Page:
Pop-Culture | Posted by Kinder L on 11/3/2014
An Open Letter To Urban Outfitters
Dear Urban Outfitters,
My thirteen-year-old self thanks you for having provided trendy, vintage looking clothing at an affordable price. You are cheaper than Aritzia, edgier than American Apparel, and were undoubtedly my favorite clothing store. Were.
I am now a legal adult. I can vote, buy cigarettes and decide my own bedtime. I was raised with the ability to distinguish between “right” and “wrong” and I would like to believe that I’m a good person. Don’t get me wrong: I’m not perfect and the line between good and bad became a little blurry when I was a younger teen. But as I’ve matured, I’m confident that I’ve become adept at judging when something is just not right.
How dare you make shirts baring the words “Eat Less.” Did you know …
Pop-Culture | Posted by Carolina G on 10/31/2014
Subway: Please Don’t Use Halloween To Make Women Feel Fat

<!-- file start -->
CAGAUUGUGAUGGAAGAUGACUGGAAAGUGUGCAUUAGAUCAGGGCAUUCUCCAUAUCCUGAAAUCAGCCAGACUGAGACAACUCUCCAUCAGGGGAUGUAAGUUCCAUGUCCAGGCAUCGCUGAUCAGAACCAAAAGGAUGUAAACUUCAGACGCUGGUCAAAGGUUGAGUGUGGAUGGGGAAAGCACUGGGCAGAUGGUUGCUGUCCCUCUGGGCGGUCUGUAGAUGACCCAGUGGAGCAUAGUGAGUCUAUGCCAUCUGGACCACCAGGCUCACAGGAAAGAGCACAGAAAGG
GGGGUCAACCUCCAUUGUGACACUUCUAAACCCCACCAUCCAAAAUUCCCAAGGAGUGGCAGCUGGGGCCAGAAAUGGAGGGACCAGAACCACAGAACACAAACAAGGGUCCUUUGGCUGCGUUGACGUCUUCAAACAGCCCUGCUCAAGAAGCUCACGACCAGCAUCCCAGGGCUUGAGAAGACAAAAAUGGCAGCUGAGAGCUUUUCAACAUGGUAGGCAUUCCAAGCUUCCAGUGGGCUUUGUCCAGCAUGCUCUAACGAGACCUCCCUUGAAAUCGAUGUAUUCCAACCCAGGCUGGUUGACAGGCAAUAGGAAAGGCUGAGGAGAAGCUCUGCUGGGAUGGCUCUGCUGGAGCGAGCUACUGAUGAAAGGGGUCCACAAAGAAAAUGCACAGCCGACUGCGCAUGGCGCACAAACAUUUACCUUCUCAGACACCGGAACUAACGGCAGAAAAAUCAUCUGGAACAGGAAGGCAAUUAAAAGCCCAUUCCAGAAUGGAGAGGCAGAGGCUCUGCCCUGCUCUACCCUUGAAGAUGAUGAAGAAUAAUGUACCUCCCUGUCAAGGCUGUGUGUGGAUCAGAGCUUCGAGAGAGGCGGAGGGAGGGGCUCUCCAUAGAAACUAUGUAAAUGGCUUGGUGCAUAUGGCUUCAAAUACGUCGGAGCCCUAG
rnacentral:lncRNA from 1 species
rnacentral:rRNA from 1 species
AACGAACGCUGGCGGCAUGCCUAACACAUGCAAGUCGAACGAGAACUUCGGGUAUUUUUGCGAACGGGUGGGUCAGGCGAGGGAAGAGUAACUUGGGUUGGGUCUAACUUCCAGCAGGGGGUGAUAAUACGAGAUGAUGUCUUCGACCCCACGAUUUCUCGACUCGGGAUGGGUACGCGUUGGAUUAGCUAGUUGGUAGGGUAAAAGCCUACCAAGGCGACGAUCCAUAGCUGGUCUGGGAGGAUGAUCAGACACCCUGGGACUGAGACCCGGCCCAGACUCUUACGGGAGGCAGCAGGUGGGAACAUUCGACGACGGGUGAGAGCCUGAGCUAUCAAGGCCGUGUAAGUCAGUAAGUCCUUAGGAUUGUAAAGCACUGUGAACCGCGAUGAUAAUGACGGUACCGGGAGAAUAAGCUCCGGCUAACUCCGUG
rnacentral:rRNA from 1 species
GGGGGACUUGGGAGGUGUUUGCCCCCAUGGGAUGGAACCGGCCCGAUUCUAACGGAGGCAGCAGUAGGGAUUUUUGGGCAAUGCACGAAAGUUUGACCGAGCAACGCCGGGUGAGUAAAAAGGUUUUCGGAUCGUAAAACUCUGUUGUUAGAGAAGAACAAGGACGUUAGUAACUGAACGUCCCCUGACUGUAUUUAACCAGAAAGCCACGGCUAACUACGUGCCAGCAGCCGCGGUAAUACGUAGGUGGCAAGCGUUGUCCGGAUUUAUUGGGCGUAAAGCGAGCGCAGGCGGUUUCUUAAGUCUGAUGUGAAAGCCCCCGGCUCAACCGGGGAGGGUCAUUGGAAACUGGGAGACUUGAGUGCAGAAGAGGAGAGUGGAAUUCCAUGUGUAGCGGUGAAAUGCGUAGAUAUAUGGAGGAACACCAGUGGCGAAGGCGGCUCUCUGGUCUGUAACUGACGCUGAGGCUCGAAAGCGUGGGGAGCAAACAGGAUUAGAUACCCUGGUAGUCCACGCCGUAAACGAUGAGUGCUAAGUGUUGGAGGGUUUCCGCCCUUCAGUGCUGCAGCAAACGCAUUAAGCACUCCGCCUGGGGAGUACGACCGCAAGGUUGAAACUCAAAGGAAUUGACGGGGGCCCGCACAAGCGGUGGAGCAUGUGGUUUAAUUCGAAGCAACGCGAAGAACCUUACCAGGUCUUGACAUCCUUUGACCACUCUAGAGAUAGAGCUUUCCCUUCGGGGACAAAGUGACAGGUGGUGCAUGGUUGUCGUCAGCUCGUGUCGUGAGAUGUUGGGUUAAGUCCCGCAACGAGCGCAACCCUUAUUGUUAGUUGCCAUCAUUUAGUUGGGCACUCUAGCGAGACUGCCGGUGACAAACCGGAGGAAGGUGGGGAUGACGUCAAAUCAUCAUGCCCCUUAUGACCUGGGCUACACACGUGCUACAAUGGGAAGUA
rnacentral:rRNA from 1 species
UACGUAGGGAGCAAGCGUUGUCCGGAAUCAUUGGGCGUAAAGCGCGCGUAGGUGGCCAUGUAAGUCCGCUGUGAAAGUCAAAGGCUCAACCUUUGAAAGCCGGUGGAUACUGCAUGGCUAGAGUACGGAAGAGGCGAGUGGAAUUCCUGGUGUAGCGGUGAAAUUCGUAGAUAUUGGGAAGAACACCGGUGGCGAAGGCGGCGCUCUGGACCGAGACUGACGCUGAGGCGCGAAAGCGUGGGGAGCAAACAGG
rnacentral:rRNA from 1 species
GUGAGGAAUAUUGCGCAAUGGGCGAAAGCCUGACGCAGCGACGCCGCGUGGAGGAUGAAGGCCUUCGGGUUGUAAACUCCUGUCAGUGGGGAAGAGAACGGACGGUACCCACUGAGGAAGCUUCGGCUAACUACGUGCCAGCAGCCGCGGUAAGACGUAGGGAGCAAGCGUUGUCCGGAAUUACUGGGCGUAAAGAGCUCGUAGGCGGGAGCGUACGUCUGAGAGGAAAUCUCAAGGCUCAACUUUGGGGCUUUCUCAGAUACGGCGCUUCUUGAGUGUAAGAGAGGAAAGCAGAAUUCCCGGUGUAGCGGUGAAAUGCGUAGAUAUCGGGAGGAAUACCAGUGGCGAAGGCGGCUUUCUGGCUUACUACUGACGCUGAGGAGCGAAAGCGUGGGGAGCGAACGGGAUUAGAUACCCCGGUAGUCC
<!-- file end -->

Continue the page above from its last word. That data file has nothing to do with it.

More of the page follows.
Whether it’s the annoyingly catchy five-dollar footlong jingle or Jared Fogle’s promise that you will lose weight by eating sandwiches, Subway commercials are abundantly recognizable in our culture. These advertisements have ranged from harmless, to annoying, to misleading (sorry, the Subway diet doesn’t seem plausible to me) but the latest addition to the repertoire has been attracting a lot of negative press for being sexist and sizeist.
In order to capitalize on Halloween, Subway recently released a commercial in which a woman calls out two of her coworkers for eating burgers. She advises them that in order to be thin for Halloween costume season, they should eat Subway. She then explores her costume options, which include an “Attractive Nurse, Spicy Red Riding Hood, Viking Princess Warrior, Hot Devil, Sassy …